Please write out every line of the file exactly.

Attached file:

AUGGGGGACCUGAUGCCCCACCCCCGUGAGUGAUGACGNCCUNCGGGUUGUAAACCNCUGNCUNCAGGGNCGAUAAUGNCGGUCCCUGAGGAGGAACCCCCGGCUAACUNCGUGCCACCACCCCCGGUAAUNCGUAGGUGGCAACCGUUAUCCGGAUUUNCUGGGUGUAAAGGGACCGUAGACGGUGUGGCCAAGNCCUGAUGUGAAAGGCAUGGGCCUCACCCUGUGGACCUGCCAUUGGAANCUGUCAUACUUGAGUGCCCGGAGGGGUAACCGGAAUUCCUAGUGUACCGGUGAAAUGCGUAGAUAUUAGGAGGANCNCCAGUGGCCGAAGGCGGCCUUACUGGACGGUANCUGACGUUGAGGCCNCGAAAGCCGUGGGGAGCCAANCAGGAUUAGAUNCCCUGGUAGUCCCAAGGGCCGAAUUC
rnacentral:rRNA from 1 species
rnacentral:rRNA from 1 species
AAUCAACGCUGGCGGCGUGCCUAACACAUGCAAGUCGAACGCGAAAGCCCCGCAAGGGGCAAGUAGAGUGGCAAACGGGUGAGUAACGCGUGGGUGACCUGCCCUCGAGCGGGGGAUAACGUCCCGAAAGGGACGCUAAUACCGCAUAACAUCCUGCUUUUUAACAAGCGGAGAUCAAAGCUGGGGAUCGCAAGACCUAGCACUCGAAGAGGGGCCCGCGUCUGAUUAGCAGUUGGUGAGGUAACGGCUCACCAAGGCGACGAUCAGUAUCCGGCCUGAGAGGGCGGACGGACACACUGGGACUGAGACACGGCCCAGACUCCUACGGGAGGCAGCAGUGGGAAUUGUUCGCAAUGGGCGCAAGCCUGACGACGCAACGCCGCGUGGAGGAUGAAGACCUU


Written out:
AUGGGGGACCUGAUGCCCCACCCCCGUGAGUGAUGACGNCCUNCGGGUUGUAAACCNCUGNCUNCAGGGNCGAUAAUGNCGGUCCCUGAGGAGGAACCCCCGGCUAACUNCGUGCCACCACCCCCGGUAAUNCGUAGGUGGCAACCGUUAUCCGGAUUUNCUGGGUGUAAAGGGACCGUAGACGGUGUGGCCAAGNCCUGAUGUGAAAGGCAUGGGCCUCACCCUGUGGACCUGCCAUUGGAANCUGUCAUACUUGAGUGCCCGGAGGGGUAACCGGAAUUCCUAGUGUACCGGUGAAAUGCGUAGAUAUUAGGAGGANCNCCAGUGGCCGAAGGCGGCCUUACUGGACGGUANCUGACGUUGAGGCCNCGAAAGCCGUGGGGAGCCAANCAGGAUUAGAUNCCCUGGUAGUCCCAAGGGCCGAAUUC
rnacentral:rRNA from 1 species
rnacentral:rRNA from 1 species
AAUCAACGCUGGCGGCGUGCCUAACACAUGCAAGUCGAACGCGAAAGCCCCGCAAGGGGCAAGUAGAGUGGCAAACGGGUGAGUAACGCGUGGGUGACCUGCCCUCGAGCGGGGGAUAACGUCCCGAAAGGGACGCUAAUACCGCAUAACAUCCUGCUUUUUAACAAGCGGAGAUCAAAGCUGGGGAUCGCAAGACCUAGCACUCGAAGAGGGGCCCGCGUCUGAUUAGCAGUUGGUGAGGUAACGGCUCACCAAGGCGACGAUCAGUAUCCGGCCUGAGAGGGCGGACGGACACACUGGGACUGAGACACGGCCCAGACUCCUACGGGAGGCAGCAGUGGGAAUUGUUCGCAAUGGGCGCAAGCCUGACGACGCAACGCCGCGUGGAGGAUGAAGACCUU